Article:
Although incorporated in New York, Capital Play’s roots are in Australia, whose racing model it has touted since emerging as a competitor for the state’s racing and gaming contracts.

O’Farrell was highly critical of NYRA during the racing franchise selection process and NYRA President Charles Hayward said recently that Capital Play is the only group he does not want to get the gaming contract.

State officials said on Friday that a gaming decision might be forthcoming within a next week or ten days. O’Farrell, however, said he was told that his vetting process could take another four to six weeks to complete, prompting him to step aside.

“We know that the state wants to make a decision,” he said. “My review was going to hold it up. I’m the only foreigner on any of the teams. There’s pressure to get this decision made.”

The state is losing more than $1-million per day for every day the Aqueduct racino is not operational. The 4,500-machine facility is expected to generate at least $450-million per year, which could provide major new revenue streams for NYRA, horsemen, and breeders as well as much-needed capital improvements at all three NYRA tracks—Aqueduct, Belmont Park, and Saratoga Race Course.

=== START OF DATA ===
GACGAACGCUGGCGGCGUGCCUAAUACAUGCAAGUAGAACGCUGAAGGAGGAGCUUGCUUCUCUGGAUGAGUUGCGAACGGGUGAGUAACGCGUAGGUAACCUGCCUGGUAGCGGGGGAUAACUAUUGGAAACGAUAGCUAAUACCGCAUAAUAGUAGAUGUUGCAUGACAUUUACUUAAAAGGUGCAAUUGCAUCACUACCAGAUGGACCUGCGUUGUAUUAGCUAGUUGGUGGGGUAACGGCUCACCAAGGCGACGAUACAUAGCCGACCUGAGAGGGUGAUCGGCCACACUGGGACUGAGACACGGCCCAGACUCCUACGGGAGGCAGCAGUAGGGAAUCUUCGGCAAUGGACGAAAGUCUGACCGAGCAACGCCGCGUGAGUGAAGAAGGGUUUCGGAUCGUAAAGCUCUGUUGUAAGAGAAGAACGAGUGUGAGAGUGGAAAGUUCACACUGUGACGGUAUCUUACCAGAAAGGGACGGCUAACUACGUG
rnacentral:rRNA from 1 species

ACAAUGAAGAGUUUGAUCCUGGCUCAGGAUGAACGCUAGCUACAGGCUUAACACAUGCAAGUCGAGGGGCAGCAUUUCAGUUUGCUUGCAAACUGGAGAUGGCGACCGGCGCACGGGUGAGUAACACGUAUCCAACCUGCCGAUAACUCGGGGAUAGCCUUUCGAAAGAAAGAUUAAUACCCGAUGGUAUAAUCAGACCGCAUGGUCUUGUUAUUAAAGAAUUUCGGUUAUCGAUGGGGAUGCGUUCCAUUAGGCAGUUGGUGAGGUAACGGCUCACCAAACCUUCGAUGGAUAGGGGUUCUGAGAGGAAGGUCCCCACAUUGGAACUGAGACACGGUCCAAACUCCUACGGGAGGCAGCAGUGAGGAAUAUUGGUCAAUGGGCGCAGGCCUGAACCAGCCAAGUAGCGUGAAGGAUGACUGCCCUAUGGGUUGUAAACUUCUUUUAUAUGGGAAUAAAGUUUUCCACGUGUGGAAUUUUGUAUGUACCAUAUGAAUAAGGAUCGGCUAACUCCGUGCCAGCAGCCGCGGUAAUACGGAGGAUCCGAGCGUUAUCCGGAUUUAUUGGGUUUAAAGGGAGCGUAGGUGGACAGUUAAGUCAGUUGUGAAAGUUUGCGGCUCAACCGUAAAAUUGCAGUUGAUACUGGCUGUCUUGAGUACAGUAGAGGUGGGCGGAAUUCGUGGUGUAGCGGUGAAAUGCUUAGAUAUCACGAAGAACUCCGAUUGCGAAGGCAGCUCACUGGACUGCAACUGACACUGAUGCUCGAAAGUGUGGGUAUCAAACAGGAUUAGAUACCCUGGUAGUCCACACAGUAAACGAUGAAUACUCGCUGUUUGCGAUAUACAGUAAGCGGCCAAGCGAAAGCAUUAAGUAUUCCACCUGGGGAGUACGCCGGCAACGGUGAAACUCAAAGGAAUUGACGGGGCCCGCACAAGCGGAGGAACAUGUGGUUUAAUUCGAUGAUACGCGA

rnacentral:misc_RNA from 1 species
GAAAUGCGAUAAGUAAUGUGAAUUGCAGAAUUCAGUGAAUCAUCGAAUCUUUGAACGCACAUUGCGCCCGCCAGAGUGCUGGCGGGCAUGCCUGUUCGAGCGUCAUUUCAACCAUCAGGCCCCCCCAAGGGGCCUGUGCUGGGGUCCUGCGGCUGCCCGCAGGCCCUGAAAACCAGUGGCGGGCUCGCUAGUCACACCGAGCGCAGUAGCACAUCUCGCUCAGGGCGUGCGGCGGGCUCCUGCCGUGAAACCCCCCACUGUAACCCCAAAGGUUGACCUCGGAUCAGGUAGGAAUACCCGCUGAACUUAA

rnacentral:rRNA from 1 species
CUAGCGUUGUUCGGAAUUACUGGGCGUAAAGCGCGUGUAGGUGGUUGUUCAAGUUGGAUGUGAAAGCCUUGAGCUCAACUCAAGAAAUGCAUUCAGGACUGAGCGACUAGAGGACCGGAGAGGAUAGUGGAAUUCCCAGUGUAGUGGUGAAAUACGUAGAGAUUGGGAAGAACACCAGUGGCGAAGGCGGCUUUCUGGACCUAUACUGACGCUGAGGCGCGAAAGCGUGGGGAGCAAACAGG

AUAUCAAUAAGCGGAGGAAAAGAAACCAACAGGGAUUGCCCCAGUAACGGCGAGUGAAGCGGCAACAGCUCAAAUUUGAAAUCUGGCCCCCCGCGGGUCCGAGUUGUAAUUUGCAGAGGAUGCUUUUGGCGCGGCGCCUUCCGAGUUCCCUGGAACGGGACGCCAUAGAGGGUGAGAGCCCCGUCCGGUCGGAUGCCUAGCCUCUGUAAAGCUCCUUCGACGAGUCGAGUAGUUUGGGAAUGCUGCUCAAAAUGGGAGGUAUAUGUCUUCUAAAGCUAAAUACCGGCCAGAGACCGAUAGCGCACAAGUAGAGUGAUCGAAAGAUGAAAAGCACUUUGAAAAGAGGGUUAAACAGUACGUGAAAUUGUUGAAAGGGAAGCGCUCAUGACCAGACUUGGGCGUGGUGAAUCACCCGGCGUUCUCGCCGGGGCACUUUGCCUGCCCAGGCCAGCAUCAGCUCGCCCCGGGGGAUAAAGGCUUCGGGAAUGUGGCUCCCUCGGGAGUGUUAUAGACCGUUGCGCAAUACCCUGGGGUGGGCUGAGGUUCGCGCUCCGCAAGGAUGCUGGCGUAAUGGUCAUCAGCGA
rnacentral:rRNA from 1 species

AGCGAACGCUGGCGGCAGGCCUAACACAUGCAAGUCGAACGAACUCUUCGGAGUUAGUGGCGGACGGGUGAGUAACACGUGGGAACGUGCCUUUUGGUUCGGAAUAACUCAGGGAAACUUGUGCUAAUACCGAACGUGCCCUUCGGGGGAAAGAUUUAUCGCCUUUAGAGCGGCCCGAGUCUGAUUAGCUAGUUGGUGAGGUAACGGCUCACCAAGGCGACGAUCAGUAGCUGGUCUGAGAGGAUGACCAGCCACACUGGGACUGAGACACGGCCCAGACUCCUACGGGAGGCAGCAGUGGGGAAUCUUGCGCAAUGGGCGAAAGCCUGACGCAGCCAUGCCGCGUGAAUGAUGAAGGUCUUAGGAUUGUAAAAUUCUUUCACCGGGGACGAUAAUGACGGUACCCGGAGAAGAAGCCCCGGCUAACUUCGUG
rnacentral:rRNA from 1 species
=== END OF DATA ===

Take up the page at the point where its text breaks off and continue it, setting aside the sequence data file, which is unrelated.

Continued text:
Racino construction is expected to take at least a year, meaning it could come on line by late 2009.

The state’s failure to act is a mystery to some of its top elected officials.

“Most of that’s being done behind closed doors,” said Assembly Minority Leader James Tedisco (R-Schenectady), who district includes Saratoga Race Course.

Morgan Hook, a spokesman for Governor David Paterson, said there is nothing specific holding up the process.

“It’s just taking longer than expected,” Hook said. “We want to allow Senator [Dean] Skelos a certain amount of time to get up to speed with the governor and speaker [Assembly Speaker Sheldon Silver (D-Manhattan)] on these three bidders.”

Skelos (R-Long Island) recently succeeded Joseph L. Bruno as Senate Majority Leader. Bruno has decided not to seek re-election and announced on Wednesday that he will not finish out his term. Friday will be his last day on the job.

Wednesday, July 16, 2008

Steep Slot Machine Revenue Decline At Mohegan Sun In June

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June slot machine revenue at Mohegan Sun fell by approximately 9% in June to $67.8 million. June's results are the second worst monthly slot revenue decline since April 2007, when slot revenues first began to trend downward.

In June, $805 million was wagered, before payouts, at the slot machines versus $861 million in June 2007.

Mohegan Sun slot machine revenue has declined in 9 out of the last 10 months. The only exception was May, when slot revenue increased by less than 1 percent. Although the amount wagered at Mohegan Sun's slot machines fell in May, the percentage of those bets kept by the casino increased and resulted in a net slot revenue increase for that month.

Foxwoods casino, owned by the Mashantucket Pequot Tribe, reported June slot revenue of $63.6 million, also about 9 percent less than June 2007. The decline comes despite the opening of a $700 million expansion in mid-May which included hundreds of additional slot machines. Foxwoods posted a 7.7 percent increase in May slot revenues.